Seeking a permanent solution to problems that had plagued a classroom building roof for nearly two decades, parishoners at the Howard Memorial Presbyterian Church in Tarboro, NC, decided to change the structure’s roof profile from flat to sloped, and to top the building with a roof material they’d come to trust—metal!
Pastor Christopher Edmonston said the classroom building was constructed in 1958 and that its roof had been a problem almost from the outset. And no wonder. As was common in that day, the building’s flat roof was hidden behind exterior parapet walls. While beneficial aesthetically, these walls created an unfavorable performance condition that contributed to the accummulation of leaves and other debris on the roof, hindering proper drainage.
Wanting to get the new roof design just right, the parishoners contacted Richard Andrews of DKWA Architects, Rocky Mount, NC. DKWA was no stranger to retrofitting old buildings with metal. One of the premier architectural firms in the area, it had completed numerous metal retrofits for local businesses, schools and governmental facilities. The contractor on the project was very experienced with retrofit metal roof systems too. Jim McClure of McClure Estimating and Construction had been retrofitting exclusively with MBCI components for more than 20 years, and naturally made exclusive use of the Houston, TX-based manufacturer’s NuRoof® Retrofit Roof System products on the Howard Memorial Presbyterian Church project.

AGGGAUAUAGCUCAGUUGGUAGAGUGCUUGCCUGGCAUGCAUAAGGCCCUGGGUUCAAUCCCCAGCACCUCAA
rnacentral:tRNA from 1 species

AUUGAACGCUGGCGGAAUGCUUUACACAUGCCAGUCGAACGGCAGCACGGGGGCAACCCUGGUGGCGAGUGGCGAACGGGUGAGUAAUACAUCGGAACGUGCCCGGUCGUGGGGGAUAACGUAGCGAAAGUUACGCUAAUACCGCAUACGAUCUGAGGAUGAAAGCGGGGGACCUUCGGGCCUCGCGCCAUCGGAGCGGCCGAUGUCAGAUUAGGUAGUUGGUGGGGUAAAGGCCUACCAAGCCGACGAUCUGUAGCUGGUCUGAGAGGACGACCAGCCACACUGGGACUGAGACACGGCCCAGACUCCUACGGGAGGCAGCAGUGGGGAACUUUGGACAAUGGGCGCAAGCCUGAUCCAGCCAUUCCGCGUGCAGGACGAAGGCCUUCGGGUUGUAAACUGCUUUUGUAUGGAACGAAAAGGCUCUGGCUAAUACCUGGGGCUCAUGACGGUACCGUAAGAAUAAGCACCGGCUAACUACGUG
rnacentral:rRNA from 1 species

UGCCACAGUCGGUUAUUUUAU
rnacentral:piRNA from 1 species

To change the building’s roof from flat to 6:12 sloped, McClure Estimating engineered a roof sub-structural system that would install right over the top of the old flat roof surface. Covering the new framing system are 24-gauge MBCI SuperLok® standing seam panels in a Charcoal Gray color. At the gable walls, MBCI’s Artisan® L12 panels in a Snow White color were installed. To complement the existing cut stone cornices on the sanctuary, soffited overhangs were created with brake-formed 24-gauge Snow White metal sill rim installed at the existing wall line. DKWA and McClure selected an Ogee style gutter to finish the cornice appearance.
The church is located on the grounds of the original Tarboro town cemetery, which began with the first burial in 1790. Construction of the original church, Calvary Episcopal, began in 1859 and it was consecrated in 1868. It is believed that revolutionary war dead are buried in the cemetery, as are Civil War Confederate soldiers and veterans. Union soldiers killed at the Daniel’s schoolhouse engagement in 1863 were also buried there until their families claimed the remains after the war.
Among the Confederate dead there is General William Dorsey Pender. He led the brigade at the Battle of Chancellorsville in 1863. He was mortally wounded during the Battle of Gettysburg on July 2, 1863. Henry Toole Clark of Tarboro, the Governor of North Carolina from 1861 to 1862, is also buried there. It was he who prepared the state for war by assembling troops, gathering supplies and making critical alliances. He also organized the successful defense of vital ports from early Union attacks.